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Audit: Ferndale schools used wrong formula for meal eligibility

Local yogurt, blueberries and granola await students during Taste Washington Day Sept. 28, 2011. Ferndale schools used an incorrect method to calculate student eligibility for free or reduced-cost meals for the 2014 school year, according to a state audit, but the district says it has since fixed the problem.
Local yogurt, blueberries and granola await students during Taste Washington Day Sept. 28, 2011. Ferndale schools used an incorrect method to calculate student eligibility for free or reduced-cost meals for the 2014 school year, according to a state audit, but the district says it has since fixed the problem. The Bellingham Herald

The Ferndale School District may have given free and reduced-price meals to ineligible students between September 2014 and August 2015, according to the state Auditor’s Office.

The mistake came after the district used an improper method to determine the eligibility of students to get the cheaper meals based on their families’ incomes.

Mark Deebach, the district’s assistant superintendent for business and support services, said the mistake stemmed from an influx of students in the district applying for free and reduced-price meals. Because of the increase, the district should have switched to another method to determine eligibility, but that change didn’t happen, Deebach said.

$1,012,635 Amount from School Breakfast and National School Lunch programs to Ferndale schools in fiscal year 2015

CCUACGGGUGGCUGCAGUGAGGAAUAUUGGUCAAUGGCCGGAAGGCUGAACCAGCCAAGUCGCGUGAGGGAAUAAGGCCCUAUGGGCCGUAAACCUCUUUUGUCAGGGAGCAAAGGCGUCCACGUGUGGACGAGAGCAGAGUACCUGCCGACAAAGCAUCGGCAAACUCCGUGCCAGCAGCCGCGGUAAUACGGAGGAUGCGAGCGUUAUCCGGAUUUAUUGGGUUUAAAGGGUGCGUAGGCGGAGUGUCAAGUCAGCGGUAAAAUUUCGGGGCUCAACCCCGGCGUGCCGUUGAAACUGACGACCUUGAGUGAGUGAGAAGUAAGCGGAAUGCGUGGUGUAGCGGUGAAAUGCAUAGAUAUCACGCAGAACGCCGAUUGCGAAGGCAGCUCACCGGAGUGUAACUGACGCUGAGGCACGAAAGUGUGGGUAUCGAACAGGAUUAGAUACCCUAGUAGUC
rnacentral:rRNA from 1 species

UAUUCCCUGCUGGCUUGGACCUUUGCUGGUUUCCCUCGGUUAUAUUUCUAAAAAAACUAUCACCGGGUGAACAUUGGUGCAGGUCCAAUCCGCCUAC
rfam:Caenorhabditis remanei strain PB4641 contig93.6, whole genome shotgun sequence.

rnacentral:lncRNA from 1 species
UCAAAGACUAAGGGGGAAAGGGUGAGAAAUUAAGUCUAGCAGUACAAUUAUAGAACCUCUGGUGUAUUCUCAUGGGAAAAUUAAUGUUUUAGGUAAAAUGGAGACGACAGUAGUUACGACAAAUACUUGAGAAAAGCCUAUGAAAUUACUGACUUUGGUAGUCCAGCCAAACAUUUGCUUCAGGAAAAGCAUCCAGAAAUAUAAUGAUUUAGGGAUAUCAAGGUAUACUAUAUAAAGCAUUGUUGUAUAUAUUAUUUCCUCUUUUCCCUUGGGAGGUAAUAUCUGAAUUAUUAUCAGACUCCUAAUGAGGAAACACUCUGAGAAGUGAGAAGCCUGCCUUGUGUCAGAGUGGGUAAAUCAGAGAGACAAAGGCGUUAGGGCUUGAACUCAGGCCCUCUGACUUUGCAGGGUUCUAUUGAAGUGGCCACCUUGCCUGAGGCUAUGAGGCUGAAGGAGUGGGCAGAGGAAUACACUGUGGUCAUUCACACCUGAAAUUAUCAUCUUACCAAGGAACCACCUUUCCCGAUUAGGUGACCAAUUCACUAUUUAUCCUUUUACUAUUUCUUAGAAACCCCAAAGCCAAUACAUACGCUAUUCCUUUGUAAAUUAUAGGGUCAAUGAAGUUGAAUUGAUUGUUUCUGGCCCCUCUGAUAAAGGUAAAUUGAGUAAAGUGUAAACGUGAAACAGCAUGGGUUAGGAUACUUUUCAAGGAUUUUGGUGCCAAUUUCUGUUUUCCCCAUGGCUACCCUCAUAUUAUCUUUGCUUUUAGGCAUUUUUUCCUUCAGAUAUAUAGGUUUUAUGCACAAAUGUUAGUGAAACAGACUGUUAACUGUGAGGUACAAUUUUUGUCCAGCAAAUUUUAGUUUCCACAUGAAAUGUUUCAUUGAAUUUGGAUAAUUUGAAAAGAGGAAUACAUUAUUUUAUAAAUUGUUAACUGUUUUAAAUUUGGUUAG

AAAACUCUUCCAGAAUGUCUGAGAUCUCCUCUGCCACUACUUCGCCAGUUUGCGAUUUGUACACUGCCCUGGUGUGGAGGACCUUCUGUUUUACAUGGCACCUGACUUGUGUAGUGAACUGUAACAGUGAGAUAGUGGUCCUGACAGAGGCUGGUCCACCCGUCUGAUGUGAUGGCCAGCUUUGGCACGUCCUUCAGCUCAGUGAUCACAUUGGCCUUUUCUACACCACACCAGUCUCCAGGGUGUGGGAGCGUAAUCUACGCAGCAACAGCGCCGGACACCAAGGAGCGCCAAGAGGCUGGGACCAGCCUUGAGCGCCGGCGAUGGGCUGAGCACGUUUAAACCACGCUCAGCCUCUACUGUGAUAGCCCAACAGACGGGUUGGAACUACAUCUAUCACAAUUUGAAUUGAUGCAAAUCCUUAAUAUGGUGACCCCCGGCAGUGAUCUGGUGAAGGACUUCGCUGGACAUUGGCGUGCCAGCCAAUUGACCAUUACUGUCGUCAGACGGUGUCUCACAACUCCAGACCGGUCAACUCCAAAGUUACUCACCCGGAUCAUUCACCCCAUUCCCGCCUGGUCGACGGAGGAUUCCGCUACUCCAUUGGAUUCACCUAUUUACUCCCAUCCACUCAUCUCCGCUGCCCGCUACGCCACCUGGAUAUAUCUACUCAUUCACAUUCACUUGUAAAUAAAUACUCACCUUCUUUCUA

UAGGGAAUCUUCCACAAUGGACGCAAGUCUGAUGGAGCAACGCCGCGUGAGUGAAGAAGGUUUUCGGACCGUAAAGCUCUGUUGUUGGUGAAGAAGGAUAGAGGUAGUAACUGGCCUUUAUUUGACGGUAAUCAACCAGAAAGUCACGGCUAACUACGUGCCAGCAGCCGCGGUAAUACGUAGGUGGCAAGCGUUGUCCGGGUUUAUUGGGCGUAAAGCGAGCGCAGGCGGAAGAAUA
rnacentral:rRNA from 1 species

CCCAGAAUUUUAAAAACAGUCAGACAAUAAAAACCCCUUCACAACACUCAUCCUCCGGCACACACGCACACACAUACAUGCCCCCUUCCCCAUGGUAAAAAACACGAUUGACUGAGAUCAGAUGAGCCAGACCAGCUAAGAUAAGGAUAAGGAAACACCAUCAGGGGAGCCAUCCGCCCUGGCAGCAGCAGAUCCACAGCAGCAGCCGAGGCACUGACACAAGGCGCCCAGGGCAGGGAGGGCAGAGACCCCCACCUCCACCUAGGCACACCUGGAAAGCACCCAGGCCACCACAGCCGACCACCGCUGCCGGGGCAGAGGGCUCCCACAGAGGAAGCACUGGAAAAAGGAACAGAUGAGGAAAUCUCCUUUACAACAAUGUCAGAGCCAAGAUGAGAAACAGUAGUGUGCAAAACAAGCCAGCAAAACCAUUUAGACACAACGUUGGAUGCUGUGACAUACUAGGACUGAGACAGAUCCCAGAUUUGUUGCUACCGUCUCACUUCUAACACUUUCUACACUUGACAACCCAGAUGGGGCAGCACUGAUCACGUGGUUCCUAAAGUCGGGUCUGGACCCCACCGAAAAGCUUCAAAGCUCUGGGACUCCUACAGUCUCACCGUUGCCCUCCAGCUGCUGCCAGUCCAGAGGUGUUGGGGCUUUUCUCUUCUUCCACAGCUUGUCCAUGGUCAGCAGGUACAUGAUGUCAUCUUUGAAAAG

The district, the audit said, received about $1 million from the School Breakfast and National School Lunch programs, both of which are federally funded through the U.S. Department of Agriculture.

Though the finding says a mistake like this could affect the district’s eligibility to receive federal funding, such a penalty is rare, said state Auditor’s Office spokesman Adam Wilson.

The finding did not indicate that any funds were misspent, just that an improper method was used.

The district acknowledged the issue in a response included in the finding. Officials said they would review the verification process to ensure the proper method is used in the future and provide more training to staff.

“It was one of those things that all the stars aligned and it didn’t get picked up on,” Deebach said, noting the Auditor’s Office did not question any costs associated with the mistake. “It was strictly just the wrong testing method we used.”

Kyle Mittan: 360-756-2803, @KyleMittan

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